Most disturbing

This morning a 17 year old boy killed ten pupils, three teachers, and three other people in his former school in Winnenden, less than 25 kilometers from where I live and work, north of Stuttgart, Germany. Me, my wife, and our children are spending this evening disturbed, watching the news and talking about the unbelievable.

5 Responses to “Most disturbing”

  1. Chad Black says:

    Last summer, we had a gunman show up at a local unitarian church and open fire during a children’s performance. He killed only two adults due to the immediate and brave actions of members of the congregation. It is so totally jarring when something like this happens, and I would imagine even more so in country like Germany where stories of this type of gun violence are much more rare.

    My thoughts are with the community in Winnenden and the surrounding area. It really takes the whole community to heal and move on.

  2. Gordon says:

    Very sad. We’ve had so many of these in the U.S. but I don’t recall hearing about similar incidents elsewhere.

    I have noticed most of these incidents seem to happen late in the school year here (March/April/May). The worst part is that one incident sometimes appears to provoke another. I hope that won’t happen in Europe.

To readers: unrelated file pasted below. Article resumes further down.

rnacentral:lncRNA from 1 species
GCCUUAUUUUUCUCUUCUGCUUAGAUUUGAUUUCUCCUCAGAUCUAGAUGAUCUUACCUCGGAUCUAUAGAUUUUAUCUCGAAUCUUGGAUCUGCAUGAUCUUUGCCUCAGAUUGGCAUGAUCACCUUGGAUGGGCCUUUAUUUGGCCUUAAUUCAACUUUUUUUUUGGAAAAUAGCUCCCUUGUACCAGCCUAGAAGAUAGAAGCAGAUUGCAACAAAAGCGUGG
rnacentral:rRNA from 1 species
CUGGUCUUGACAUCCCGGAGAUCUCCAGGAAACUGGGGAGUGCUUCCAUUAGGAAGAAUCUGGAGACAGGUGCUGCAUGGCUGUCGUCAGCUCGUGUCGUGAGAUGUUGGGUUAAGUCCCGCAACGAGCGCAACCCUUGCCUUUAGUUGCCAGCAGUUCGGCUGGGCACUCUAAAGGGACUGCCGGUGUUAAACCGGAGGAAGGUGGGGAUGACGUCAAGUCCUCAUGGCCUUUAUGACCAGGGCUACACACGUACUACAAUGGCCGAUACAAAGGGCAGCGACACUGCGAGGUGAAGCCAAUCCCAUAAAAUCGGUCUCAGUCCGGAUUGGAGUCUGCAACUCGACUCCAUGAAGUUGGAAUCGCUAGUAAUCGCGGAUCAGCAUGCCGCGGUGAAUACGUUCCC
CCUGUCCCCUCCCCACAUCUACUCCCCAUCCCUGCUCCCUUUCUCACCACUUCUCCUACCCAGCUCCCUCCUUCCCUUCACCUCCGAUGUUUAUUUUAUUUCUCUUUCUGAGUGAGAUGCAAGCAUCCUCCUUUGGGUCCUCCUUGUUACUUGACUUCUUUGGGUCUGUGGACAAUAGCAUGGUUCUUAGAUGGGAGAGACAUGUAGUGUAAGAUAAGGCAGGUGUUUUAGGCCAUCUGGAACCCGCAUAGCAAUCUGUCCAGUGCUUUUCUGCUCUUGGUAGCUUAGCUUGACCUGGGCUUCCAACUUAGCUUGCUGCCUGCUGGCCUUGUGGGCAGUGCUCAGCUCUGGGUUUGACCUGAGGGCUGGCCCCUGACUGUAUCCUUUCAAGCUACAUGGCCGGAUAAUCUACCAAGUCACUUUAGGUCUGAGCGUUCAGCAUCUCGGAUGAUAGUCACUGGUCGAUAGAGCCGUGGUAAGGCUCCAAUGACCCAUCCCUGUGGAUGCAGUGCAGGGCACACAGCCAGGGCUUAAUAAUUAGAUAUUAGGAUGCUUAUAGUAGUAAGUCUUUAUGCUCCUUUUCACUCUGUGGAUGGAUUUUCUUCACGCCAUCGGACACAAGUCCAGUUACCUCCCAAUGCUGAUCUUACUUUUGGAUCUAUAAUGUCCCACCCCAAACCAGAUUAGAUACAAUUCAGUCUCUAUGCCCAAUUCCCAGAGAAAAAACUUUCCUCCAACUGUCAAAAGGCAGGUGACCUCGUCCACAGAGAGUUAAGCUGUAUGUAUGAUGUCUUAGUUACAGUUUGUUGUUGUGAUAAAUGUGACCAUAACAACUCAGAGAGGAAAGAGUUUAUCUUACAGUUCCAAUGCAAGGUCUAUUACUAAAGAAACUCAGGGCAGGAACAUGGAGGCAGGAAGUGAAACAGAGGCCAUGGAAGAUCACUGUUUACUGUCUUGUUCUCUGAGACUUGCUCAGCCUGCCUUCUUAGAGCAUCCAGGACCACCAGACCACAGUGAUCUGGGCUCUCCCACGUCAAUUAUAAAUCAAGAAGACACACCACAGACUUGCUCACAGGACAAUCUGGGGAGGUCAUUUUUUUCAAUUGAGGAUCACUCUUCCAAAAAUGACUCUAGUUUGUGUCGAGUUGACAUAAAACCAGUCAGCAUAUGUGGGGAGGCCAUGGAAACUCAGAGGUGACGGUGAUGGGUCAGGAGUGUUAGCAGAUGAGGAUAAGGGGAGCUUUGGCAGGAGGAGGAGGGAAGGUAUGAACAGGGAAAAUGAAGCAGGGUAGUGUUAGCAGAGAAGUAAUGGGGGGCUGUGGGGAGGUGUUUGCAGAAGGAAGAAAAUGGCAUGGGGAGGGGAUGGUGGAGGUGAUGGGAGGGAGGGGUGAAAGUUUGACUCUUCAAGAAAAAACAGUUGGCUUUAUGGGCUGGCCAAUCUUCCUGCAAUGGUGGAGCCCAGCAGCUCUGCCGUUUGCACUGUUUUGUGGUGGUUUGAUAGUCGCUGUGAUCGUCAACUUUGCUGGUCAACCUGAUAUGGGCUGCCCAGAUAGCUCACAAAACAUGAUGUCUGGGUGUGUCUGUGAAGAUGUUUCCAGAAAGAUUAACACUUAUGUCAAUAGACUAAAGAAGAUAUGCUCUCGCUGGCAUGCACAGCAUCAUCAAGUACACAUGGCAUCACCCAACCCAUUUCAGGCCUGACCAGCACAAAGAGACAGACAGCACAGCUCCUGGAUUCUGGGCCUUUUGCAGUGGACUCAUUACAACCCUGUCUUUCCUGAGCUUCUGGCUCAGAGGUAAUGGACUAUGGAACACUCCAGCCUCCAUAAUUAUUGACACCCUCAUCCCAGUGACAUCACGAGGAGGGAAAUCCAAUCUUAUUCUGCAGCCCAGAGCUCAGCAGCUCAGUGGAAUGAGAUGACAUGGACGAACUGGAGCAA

3. Karen says:

    I am truly sorry.

    We are at Virginia Tech. As unbelievable as our tragedy was, what is most shocking is that anyone else would repeat the same a senseless act.

    A little advice: Hug your kids and don’t watch the news.

  4. Eric says:

    Thank you all. We talked a lot yesterday, we didn’t watch much of the news, and we hugged our kids. Our children are not frightened. They know what happened and they have a certain understanding of why things like this happen.

    What now saddens me is that the media here focuses on the finding of Counter Strike on the boy’s computer, claiming that playing these games made him the killer he became. This is way too simple. I can guess at least parts of the ‘mechanics’ behind these acts which leads me to the conclusion that its nearly impossible to prevent them from happening. A warm home, a good social net, attentive co-pupils and teachers, this all can help to keep the mechanics building up. Banning some computer games that are more a symptome than a cause will not help much.

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